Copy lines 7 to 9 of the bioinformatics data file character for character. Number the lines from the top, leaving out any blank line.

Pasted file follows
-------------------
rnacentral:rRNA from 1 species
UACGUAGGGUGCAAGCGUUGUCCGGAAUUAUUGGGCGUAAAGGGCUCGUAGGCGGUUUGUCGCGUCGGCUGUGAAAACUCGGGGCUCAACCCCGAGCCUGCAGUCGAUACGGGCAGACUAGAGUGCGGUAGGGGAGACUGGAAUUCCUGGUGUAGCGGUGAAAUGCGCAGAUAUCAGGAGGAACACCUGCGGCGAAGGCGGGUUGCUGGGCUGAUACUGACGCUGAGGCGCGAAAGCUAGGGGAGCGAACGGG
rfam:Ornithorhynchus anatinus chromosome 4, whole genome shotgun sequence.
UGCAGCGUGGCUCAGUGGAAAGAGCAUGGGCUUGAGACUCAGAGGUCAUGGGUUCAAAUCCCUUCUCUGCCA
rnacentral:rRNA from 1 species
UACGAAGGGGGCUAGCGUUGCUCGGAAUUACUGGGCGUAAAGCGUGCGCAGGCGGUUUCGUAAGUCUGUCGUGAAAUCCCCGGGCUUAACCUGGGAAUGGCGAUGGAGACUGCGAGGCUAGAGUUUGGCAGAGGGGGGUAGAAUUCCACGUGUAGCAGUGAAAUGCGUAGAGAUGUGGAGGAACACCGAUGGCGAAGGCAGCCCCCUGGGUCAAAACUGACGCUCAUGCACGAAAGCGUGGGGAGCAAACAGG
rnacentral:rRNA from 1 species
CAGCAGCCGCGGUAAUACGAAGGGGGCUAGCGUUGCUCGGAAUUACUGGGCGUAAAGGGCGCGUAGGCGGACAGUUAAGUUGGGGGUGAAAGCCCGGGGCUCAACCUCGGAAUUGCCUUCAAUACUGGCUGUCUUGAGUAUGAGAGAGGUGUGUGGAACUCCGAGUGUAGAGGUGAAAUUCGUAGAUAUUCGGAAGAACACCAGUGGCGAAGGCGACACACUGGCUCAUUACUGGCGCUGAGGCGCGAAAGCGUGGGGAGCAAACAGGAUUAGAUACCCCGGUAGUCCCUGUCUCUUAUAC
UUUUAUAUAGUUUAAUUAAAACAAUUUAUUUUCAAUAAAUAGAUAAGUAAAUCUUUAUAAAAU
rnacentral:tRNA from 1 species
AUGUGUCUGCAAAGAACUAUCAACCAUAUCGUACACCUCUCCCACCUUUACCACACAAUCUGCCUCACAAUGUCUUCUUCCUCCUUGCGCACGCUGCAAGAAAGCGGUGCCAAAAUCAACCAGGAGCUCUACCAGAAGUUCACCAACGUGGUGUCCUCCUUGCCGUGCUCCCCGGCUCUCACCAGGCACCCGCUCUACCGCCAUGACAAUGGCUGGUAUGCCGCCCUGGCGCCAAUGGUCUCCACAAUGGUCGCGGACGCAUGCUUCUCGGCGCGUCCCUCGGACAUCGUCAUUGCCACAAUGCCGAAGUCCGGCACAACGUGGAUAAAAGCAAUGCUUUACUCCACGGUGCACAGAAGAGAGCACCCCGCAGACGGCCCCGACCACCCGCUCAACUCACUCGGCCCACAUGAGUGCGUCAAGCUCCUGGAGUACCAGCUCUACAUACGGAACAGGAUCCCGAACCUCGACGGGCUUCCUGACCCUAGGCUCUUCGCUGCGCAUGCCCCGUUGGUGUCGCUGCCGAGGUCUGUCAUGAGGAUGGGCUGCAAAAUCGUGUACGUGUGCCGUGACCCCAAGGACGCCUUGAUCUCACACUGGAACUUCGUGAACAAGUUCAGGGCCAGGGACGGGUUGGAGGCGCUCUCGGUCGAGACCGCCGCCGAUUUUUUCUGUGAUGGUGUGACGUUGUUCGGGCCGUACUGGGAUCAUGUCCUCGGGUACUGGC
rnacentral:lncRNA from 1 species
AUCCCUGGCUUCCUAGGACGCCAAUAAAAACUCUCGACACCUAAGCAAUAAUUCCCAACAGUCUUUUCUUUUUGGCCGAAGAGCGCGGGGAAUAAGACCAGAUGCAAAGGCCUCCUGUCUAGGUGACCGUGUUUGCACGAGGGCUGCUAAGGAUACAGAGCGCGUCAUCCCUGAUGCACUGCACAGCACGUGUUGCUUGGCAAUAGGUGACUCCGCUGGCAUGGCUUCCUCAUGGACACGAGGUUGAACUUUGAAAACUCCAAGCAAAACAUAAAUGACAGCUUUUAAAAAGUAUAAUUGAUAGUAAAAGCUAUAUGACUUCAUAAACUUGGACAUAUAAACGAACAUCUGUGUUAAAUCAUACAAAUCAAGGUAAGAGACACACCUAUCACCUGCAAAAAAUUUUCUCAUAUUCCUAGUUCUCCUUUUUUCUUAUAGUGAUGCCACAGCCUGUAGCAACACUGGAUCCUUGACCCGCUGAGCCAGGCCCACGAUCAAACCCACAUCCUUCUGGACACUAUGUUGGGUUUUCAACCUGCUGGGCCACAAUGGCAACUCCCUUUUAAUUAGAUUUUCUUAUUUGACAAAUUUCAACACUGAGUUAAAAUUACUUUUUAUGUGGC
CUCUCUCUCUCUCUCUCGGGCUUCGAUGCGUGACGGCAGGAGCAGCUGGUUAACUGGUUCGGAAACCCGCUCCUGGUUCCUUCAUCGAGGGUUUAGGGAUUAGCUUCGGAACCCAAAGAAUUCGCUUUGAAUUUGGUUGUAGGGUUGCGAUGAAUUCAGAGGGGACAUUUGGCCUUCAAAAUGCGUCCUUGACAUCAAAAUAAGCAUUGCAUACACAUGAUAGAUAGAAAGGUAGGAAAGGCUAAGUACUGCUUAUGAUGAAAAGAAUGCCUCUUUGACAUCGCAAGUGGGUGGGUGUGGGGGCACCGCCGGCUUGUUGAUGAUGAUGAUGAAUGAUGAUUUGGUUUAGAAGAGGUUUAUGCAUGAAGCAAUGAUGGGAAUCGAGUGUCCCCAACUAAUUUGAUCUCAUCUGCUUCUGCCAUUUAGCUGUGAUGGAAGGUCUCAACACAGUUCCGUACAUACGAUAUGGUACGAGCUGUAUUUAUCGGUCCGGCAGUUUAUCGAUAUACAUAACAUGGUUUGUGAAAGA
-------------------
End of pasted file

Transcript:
rnacentral:rRNA from 1 species
CAGCAGCCGCGGUAAUACGAAGGGGGCUAGCGUUGCUCGGAAUUACUGGGCGUAAAGGGCGCGUAGGCGGACAGUUAAGUUGGGGGUGAAAGCCCGGGGCUCAACCUCGGAAUUGCCUUCAAUACUGGCUGUCUUGAGUAUGAGAGAGGUGUGUGGAACUCCGAGUGUAGAGGUGAAAUUCGUAGAUAUUCGGAAGAACACCAGUGGCGAAGGCGACACACUGGCUCAUUACUGGCGCUGAGGCGCGAAAGCGUGGGGAGCAAACAGGAUUAGAUACCCCGGUAGUCCCUGUCUCUUAUAC
UUUUAUAUAGUUUAAUUAAAACAAUUUAUUUUCAAUAAAUAGAUAAGUAAAUCUUUAUAAAAU